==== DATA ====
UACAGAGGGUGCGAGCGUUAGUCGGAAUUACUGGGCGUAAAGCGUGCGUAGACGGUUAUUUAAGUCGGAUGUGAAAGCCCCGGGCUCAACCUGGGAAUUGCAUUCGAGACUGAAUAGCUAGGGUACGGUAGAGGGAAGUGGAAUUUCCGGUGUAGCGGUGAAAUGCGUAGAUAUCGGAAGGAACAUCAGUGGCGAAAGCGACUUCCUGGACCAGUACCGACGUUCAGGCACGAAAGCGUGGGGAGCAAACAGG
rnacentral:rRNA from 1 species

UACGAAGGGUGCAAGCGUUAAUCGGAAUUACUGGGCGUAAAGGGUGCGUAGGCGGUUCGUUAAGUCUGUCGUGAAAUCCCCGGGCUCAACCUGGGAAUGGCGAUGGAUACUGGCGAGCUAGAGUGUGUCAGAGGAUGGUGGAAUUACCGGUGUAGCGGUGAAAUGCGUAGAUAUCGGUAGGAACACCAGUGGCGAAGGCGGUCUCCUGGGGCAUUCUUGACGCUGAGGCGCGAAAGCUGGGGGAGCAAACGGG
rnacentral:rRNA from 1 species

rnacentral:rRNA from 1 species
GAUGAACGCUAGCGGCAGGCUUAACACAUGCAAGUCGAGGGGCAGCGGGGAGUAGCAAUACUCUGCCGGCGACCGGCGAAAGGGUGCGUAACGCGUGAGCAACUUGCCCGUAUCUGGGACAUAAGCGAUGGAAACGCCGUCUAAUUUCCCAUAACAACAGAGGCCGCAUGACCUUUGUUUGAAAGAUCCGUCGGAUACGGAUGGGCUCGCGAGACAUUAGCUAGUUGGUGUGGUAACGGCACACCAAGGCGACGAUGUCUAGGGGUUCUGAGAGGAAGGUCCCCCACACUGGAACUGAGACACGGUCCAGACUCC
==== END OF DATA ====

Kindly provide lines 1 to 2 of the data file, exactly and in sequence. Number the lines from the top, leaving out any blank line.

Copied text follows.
UACAGAGGGUGCGAGCGUUAGUCGGAAUUACUGGGCGUAAAGCGUGCGUAGACGGUUAUUUAAGUCGGAUGUGAAAGCCCCGGGCUCAACCUGGGAAUUGCAUUCGAGACUGAAUAGCUAGGGUACGGUAGAGGGAAGUGGAAUUUCCGGUGUAGCGGUGAAAUGCGUAGAUAUCGGAAGGAACAUCAGUGGCGAAAGCGACUUCCUGGACCAGUACCGACGUUCAGGCACGAAAGCGUGGGGAGCAAACAGG
rnacentral:rRNA from 1 species